Carillion’s external and internal auditors, KPMG and Deloitte, respectively, were questioned by Members of the Work and Pensions and Business Committees last week.
A lot of ground was covered, but ultimately the session only revealed what is already known. Given the growing sense of investor concern about the reliability of audited financial statements, partially as a result of increased complexity, the immediate challenge is to repair the damage and this will require fundamental reform.
According to Rachel Reeves MP, “the fact that it was impossible to get a true sense of the assets, liabilities and cash generation of the business raises serious questions about Carillion’s corporate governance.”
From a fraud risk perspective, we were alarmed. The amount of goodwill, revenue recognition pertaining to major contracts were all discussed, but it is Carillion’s whistleblower function that requires further scrutiny. Post the collapse, a series of allegations have emerged (as reported in the media), which raise the question whether Carillion’s whistleblower policy was adequate, effective, or even tested.
The allegations that have emerged include:
Suppliers submitting invoices after key accounting dates; ‘bunching’ of supplier invoices was known and should have been questioned and reported.
Allegations by a former executive claiming that Carillion was in serious financial difficulty by the middle of 2016 but directors were “placating the City” by failing to disclose major problems. The former executive claims that ‘the supply chain wasn’t being paid, money was getting transferred between different parts of the group to pay salaries, loans were coming in from the UK to the whole of the Middle East. By mid-2016 we were already seeing these problems.”
The former executive’s claims that he considered becoming a whistleblower by flagging up his concerns with a non-executive member of the board but was concerned at what the outcome might be.
He should not have been. The law governing whistleblowers is contained in the Public Interest Disclosure Act 1998 which was implemented to protect individuals who make certain disclosures of information in the public interest and are consequently victimised or dismissed. Under the Employment Rights Act 1996, if an employee “blows the whistle” they will receive protection from being dismissed or victimised. This protection is a day one right. Whistleblowers have the right to tell their employer or a prescribed person anonymously, or give their name but request confidentiality.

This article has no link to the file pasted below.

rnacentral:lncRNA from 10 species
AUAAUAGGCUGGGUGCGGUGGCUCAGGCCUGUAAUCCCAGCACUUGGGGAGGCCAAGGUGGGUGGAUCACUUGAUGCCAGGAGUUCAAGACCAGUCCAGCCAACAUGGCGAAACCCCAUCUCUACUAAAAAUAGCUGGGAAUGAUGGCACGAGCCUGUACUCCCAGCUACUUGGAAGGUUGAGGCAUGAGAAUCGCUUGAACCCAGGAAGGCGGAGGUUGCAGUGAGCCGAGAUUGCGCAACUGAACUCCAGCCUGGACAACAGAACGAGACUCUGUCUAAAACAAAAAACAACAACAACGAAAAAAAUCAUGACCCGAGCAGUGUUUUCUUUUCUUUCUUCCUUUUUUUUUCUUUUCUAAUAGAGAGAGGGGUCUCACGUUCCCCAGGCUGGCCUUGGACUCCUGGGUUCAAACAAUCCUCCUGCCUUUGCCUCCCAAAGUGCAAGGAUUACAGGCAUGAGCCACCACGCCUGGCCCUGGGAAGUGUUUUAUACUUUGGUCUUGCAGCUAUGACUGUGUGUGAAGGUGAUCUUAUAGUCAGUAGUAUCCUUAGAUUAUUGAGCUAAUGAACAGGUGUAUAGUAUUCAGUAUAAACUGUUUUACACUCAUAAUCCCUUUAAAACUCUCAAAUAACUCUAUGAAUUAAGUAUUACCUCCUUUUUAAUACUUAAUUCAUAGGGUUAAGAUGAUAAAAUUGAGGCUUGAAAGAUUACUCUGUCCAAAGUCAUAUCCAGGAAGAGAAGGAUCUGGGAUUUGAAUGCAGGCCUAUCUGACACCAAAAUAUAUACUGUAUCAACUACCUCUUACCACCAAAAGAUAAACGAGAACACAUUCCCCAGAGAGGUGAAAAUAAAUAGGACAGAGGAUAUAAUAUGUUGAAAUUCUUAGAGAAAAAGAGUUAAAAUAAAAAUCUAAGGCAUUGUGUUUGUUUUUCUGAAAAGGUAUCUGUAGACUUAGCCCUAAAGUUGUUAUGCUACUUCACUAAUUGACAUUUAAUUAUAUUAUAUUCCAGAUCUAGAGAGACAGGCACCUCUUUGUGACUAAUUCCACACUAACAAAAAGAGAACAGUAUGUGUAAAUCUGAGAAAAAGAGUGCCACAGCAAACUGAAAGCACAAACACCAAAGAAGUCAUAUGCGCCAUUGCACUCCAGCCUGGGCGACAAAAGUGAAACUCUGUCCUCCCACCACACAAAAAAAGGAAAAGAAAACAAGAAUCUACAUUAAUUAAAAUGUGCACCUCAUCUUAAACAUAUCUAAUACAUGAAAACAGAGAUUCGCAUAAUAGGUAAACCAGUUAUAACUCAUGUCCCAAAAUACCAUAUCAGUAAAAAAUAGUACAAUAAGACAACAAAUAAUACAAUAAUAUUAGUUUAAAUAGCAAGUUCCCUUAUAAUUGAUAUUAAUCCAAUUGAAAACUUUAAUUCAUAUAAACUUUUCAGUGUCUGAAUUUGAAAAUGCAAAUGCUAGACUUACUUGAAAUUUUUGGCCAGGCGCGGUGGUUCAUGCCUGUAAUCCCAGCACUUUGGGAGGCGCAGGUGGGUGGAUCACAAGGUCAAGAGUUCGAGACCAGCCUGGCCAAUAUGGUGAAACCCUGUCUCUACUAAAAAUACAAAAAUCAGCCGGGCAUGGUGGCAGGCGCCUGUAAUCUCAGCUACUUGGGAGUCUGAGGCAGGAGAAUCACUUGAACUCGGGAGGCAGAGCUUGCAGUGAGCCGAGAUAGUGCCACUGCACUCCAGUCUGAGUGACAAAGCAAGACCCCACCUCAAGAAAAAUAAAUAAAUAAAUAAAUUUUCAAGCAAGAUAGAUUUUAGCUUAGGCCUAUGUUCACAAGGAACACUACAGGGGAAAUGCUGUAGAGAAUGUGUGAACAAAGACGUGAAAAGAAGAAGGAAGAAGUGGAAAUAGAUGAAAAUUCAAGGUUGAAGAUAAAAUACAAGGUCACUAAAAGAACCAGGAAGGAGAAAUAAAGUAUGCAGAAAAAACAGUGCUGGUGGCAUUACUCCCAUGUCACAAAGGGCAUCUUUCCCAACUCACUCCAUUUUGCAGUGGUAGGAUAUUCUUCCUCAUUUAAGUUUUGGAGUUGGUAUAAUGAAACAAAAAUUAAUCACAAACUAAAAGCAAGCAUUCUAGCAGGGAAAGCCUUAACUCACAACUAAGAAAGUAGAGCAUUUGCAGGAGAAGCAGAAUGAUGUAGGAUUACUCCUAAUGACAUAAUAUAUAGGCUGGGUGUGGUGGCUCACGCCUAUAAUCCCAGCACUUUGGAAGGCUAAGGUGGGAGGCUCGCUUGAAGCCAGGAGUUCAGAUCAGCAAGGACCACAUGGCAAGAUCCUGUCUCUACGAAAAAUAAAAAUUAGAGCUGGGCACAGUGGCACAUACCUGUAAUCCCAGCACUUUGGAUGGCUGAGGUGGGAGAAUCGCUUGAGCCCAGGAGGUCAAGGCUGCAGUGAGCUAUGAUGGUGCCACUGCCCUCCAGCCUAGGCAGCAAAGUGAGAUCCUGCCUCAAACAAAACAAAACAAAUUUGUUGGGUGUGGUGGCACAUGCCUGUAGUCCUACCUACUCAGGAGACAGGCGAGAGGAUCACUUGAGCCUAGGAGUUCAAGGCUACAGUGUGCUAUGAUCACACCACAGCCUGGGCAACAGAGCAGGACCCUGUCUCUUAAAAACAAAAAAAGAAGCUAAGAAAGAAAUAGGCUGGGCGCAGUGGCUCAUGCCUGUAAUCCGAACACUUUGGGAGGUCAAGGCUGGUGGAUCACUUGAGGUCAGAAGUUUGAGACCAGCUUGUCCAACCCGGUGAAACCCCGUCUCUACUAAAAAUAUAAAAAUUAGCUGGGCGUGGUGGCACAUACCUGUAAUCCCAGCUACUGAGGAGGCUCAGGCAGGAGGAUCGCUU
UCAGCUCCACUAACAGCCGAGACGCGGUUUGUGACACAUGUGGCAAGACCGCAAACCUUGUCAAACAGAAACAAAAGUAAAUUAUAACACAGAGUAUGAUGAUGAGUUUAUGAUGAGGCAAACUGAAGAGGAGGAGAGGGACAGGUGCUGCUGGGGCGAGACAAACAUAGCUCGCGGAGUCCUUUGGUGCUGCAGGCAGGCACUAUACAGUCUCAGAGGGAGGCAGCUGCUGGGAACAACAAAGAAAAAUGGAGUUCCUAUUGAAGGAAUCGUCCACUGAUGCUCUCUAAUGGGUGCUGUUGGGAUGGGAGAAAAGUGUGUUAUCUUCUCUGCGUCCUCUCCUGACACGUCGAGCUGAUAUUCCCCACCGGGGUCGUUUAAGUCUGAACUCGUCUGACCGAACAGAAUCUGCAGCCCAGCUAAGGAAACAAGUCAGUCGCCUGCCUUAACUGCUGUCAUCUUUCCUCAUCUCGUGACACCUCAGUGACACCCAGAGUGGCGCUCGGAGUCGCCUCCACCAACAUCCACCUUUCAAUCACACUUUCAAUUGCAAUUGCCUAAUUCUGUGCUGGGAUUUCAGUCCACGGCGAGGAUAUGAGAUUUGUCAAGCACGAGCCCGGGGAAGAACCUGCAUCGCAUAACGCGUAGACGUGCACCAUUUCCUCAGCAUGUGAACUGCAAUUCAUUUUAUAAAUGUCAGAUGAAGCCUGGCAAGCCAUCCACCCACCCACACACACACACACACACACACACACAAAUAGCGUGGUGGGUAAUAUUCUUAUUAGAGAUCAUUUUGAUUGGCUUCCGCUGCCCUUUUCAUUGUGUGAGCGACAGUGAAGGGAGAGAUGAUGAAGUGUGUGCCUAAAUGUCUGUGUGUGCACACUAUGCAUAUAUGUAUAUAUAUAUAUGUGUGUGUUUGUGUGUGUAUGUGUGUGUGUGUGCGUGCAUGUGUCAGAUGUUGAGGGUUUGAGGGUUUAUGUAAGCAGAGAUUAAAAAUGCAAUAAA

When we analyse a company from a fraud risk perspective, we look closely at the company’s whistleblower policy and evidence of whether it is effective or not. We look for a clear policy, and an environment in which whistleblowers feel sufficiently confident to express concerns openly. We look for evidence that there is a clear process for promptly investigating and resolving expressions of concern regarding known or potential wrongdoing, and that the company has a plan that sets out what actions will be taken and by whom. As we have consistently repeated, the risk of fraud is growing rapidly and we need to know how seriously companies treat this. Do they treat it seriously, or just pay lip service to it ?
In the case of the former Carillion executive’s allegations, these are so serious that we need to know what communication and reporting lines were in place had he decided to blow the whistle. Was there an established, stated, clear line of communication to the Board or not? If not, why not?
Carillion is now dust. However, lessons can be learnt which may prevent another disaster. We have a suggestion. Every company that wants to be taken seriously by the investment community should appoint a Chief Fraud Prevention Officer. This role should have responsibility for identifying key fraud risks across a business and implementing necessary controls which should be regularly tested. It should also have responsibility for the whistleblowing function and ensuring that this is effective.